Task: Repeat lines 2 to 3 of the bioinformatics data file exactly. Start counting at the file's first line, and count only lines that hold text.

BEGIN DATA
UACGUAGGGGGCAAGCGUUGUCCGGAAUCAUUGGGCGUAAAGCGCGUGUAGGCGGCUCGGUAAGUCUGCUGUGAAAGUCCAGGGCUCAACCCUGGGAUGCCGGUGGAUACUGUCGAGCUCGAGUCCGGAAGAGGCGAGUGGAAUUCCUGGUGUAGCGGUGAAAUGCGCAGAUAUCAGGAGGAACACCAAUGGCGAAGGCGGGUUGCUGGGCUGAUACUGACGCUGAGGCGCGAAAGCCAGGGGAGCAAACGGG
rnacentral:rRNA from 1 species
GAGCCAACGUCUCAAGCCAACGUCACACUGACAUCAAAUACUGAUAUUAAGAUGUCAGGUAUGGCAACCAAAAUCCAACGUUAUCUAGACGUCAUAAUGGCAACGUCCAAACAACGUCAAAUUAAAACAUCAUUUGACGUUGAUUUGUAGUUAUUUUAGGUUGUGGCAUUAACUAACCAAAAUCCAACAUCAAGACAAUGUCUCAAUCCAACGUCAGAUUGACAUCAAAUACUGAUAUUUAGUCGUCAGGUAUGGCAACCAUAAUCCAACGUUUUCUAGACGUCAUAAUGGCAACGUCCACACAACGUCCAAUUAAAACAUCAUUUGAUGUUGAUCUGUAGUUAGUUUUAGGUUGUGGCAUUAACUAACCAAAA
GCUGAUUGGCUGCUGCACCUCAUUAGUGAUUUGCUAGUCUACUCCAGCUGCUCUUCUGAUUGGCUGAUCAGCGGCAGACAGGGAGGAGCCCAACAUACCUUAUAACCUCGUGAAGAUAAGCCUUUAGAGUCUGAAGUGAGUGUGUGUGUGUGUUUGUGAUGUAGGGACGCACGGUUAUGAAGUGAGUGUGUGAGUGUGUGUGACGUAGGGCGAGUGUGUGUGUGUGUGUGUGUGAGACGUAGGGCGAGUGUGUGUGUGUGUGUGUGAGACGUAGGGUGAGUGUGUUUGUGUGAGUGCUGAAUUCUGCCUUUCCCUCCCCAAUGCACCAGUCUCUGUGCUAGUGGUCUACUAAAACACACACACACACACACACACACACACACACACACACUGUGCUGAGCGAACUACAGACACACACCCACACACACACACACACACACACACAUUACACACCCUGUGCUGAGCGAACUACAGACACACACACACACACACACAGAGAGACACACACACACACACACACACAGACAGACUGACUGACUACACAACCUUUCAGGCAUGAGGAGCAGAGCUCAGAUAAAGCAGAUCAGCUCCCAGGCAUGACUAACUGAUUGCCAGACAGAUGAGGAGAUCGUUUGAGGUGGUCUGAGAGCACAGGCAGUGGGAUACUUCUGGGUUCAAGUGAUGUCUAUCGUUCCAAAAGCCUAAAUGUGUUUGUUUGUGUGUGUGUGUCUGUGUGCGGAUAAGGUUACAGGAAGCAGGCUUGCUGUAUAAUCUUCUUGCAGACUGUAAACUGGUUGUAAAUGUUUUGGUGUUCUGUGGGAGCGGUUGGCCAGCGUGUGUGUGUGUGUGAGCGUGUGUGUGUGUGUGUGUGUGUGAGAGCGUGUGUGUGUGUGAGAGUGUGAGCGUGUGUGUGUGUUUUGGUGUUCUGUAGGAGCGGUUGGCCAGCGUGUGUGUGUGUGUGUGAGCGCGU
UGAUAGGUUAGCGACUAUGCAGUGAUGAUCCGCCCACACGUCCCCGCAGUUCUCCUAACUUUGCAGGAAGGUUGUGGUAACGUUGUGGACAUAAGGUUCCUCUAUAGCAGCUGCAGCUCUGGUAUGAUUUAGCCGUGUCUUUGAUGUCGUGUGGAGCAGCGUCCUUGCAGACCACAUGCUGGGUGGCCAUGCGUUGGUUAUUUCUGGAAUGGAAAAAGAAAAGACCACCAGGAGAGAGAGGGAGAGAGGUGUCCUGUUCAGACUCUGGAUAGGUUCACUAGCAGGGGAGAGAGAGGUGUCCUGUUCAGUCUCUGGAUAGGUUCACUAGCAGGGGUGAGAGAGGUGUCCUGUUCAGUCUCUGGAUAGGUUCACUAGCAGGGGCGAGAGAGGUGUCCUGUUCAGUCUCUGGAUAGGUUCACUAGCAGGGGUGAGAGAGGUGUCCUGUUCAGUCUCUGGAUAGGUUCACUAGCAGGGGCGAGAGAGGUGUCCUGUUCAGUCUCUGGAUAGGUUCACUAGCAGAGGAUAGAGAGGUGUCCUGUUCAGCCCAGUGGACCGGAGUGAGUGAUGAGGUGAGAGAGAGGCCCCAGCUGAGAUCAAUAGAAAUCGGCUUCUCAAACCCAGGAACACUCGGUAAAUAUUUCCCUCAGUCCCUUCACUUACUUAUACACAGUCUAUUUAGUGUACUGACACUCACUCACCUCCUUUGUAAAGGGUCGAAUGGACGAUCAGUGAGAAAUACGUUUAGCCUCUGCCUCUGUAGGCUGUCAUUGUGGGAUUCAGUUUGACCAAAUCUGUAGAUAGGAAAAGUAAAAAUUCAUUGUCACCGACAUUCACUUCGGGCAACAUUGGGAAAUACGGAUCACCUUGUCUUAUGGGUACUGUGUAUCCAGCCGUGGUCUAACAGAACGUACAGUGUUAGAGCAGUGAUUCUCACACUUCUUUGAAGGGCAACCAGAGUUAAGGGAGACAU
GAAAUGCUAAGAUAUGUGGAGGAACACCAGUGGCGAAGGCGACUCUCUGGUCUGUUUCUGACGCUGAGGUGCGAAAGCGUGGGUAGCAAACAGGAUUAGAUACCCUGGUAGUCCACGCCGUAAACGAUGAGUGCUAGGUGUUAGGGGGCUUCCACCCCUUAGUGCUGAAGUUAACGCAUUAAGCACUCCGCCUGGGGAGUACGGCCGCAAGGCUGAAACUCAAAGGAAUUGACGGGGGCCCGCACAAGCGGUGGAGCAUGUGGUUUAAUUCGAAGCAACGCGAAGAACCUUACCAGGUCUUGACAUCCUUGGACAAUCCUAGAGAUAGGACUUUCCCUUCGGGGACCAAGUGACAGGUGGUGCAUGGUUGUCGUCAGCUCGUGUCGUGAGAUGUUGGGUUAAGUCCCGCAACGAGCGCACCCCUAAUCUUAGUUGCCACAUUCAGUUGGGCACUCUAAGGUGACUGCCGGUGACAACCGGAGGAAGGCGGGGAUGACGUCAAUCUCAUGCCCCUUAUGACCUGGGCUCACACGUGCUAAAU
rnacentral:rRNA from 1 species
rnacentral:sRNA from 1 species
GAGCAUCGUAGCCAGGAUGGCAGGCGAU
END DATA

rnacentral:rRNA from 1 species
GAGCCAACGUCUCAAGCCAACGUCACACUGACAUCAAAUACUGAUAUUAAGAUGUCAGGUAUGGCAACCAAAAUCCAACGUUAUCUAGACGUCAUAAUGGCAACGUCCAAACAACGUCAAAUUAAAACAUCAUUUGACGUUGAUUUGUAGUUAUUUUAGGUUGUGGCAUUAACUAACCAAAAUCCAACAUCAAGACAAUGUCUCAAUCCAACGUCAGAUUGACAUCAAAUACUGAUAUUUAGUCGUCAGGUAUGGCAACCAUAAUCCAACGUUUUCUAGACGUCAUAAUGGCAACGUCCACACAACGUCCAAUUAAAACAUCAUUUGAUGUUGAUCUGUAGUUAGUUUUAGGUUGUGGCAUUAACUAACCAAAA